March 3, 2014
I Just Bought A House: Part 2 - Tax Credits
I just bought a house! What tax credits can I get? This blog post will explain what credits you may claim if you own a house.
You may know that there are significant tax advantages to owning your own home. However, these benefits are often confusing to homeowners! The rules are constantly changing; and there are many variables that impact the different benefits. If you haven’t already read Part 1 of this topic, please click there now to learn about the tax deductions available to homeowners.
Home-Related Tax Credits
There are two ways to lower your taxes – deductions and credits. A credit is an amount that you subtract from your tax liability, thereby reducing your tax dollar-for-dollar by the amount of the credit. For this reason, credits can be much more beneficial to a taxpayer who might otherwise have a tax liability. There are a few tax credits that have been available to homeowners in recent years:
First-Time Homebuyer Credit – This credit was available in 2008, 2009, and 2010. Although it was called the “First-Time Homebuyer Credit,” it was also available to long-time homeowners purchasing a new home (under certain circumstances). This credit is no longer available, but some homeowners are required to repay the credit. The 2008 credit of $7,500 is required to be repaid at $500 per year until it is repaid in full (if the house is sold before it is fully repaid, it must be repaid in the year of sale). The 2009 and 2010 credit of $8,000 is not required to be repaid unless the house ceases to be the “main home” within 36 months of purchase.
Residential Energy Credit – This credit was available in 2006 and 2009-2013. As of the writing of this blog, the credit has not been renewed for 2014. This credit includes two sections:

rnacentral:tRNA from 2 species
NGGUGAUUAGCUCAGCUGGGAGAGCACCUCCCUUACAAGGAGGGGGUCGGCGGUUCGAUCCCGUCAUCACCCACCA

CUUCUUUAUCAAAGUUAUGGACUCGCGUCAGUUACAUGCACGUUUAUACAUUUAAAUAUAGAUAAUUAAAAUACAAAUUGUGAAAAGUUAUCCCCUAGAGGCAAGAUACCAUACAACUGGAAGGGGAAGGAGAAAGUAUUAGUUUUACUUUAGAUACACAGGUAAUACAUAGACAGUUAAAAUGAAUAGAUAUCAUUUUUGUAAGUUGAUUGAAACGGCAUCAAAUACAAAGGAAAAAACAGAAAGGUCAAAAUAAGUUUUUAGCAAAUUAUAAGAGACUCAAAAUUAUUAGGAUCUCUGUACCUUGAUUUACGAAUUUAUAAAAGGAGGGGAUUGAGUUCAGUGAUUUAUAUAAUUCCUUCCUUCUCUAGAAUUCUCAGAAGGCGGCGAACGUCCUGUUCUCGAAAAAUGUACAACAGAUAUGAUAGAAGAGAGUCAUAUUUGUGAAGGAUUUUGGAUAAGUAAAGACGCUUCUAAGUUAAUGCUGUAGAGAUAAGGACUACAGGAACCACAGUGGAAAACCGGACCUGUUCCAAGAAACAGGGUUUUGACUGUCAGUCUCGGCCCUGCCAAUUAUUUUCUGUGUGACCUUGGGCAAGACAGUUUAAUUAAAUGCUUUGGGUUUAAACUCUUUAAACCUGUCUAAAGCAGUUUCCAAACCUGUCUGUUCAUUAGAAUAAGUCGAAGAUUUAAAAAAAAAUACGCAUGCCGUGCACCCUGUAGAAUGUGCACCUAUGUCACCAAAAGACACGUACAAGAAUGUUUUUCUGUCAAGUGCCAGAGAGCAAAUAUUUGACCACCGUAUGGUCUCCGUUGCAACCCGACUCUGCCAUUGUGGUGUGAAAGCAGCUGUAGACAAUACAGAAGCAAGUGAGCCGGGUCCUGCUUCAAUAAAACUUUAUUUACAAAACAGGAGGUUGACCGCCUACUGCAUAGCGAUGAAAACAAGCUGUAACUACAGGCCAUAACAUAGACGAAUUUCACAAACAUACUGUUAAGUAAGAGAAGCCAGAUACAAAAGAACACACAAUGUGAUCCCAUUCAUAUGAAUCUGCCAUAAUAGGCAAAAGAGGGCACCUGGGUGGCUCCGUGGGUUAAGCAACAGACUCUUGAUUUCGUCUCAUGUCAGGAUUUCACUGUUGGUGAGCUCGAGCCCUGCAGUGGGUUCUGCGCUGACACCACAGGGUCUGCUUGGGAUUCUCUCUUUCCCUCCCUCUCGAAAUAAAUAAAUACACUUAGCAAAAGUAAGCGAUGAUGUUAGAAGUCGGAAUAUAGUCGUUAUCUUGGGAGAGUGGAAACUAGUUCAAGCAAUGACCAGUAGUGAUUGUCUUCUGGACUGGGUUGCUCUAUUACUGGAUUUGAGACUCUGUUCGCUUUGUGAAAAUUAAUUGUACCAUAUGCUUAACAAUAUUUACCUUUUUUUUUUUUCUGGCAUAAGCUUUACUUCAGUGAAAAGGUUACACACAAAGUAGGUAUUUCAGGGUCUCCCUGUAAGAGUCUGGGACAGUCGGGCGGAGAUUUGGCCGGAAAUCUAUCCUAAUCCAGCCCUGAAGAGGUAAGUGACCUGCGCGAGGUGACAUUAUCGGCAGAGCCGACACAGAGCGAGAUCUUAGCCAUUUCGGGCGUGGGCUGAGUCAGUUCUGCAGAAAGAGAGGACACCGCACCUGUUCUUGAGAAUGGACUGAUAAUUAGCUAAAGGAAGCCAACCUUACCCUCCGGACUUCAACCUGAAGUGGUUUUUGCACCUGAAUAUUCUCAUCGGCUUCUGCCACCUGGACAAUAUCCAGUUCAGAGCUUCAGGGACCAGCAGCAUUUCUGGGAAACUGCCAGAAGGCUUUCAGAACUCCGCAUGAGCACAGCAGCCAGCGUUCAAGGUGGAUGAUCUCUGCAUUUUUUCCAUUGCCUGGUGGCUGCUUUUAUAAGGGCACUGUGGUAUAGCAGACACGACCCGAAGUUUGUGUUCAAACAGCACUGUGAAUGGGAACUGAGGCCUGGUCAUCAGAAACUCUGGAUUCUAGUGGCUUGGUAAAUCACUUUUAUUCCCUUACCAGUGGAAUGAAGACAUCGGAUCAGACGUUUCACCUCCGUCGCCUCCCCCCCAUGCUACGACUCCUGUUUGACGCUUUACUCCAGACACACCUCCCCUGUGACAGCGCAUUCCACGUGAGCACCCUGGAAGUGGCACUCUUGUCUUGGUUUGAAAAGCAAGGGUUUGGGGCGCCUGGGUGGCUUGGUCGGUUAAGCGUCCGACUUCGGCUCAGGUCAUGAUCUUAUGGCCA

Nonbusiness Energy Property Credit – You may claim a credit for 10% of the purchase price (not including installation) of certain insulation, windows, doors, air conditioners, furnaces, water heaters, and roofs that meet Energy Star guidelines. There is a $500 lifetime maximum on this credit.
Residential Energy Efficient Property Credit – You may claim a credit for 30% of the cost of the following energy efficient systems: qualified solar electric, solar water heating, small wind energy, geothermal heat pump, and fuel cell properties. There is no limit to this credit, and any unused portion can be carried forward to next year’s tax return.
A Mortgage Credit Certificate (MCC) is a certificate issued by a state or local government that allows a taxpayer to take a credit for a portion of his or her mortgage interest (instead of the mortgage interest deduction that all taxpayers receive). Usually there are qualifications for receiving an MCC that are based on income, previous homeownership status, purchase price, and location. The Iowa Finance Authority (IFA) just announced that they will be offering MCCs under the 2014 Take Credit Mortgage Certificate Program starting on February 3, 2014. Check with your state or city to see if you could qualify; and often banks or mortgage lenders are able to assist you with this program.
This about sums it up for home-related tax credits! Please contact me to discuss your specific situation.